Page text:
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Wadawurrung Tools & Technology

First Nations people are responsible for many amazing inventions and innovations in all areas of science, technology, and engineering. Often the knowledge and achievements of the First Nations civilisation are not recognised but there is so much to be re discovered and explored. Before colonisation, First Nations people invented many tools, pieces of equipment and technology to use in everyday life.

Some of the most common tools used are:

Axe: Stone axes were made from a piece of stone that was shaped accordingly and tied to a wooden handle using sinew and gum.

Baskets: were weaved from native grasses and used to carry food and other items as well as in cooking. They were essential for carrying items between camps and were usually balanced on the heads of our women.

Canoes: were regularly used by our people to travel along the waterways. They were fairly easy to make and could be done so in a short time. We would make canoes from the old River Red Gums that were along the river and a stone axe was used to cut out the shape in the bark. We would strip the bark off the gum fairly quickly – to strip a length of bark six, seven feet long, would only take five or ten minutes. We then dry and shape the bark over a fire.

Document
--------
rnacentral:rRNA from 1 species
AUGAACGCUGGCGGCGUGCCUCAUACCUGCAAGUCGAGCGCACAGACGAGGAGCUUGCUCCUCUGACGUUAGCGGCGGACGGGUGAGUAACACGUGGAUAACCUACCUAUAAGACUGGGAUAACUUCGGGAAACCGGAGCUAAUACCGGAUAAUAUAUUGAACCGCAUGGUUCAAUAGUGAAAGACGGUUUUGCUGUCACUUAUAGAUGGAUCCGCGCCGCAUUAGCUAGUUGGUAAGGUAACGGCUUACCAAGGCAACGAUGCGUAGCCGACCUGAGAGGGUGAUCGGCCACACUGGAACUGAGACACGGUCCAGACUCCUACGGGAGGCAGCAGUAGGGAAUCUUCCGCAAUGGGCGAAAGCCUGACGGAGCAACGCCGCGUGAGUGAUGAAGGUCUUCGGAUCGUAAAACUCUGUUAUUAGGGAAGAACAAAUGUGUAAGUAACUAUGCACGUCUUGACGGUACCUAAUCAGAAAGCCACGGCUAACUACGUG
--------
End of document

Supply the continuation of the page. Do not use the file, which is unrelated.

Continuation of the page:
Canoe Building with Elder Bryon Powell: 

Fishing traps were used in rivers, lakes, and tidal marine locations. There were different types of traps, some were circular and extended from the shoreline while others ran straight across rivers and streams. They can be made using stones, branches, sticks, reeds, and clay. There is evidence of remnant fish traps at the mouth of the Barwon River at Barwon Heads.

Fishing spears were one of the many tools we used when we hunted for fish and other sea creatures. They could be made of stone, wood and reeds by the men who would stand waist deep in water with a spear while the other man stood at a higher point looking for fish.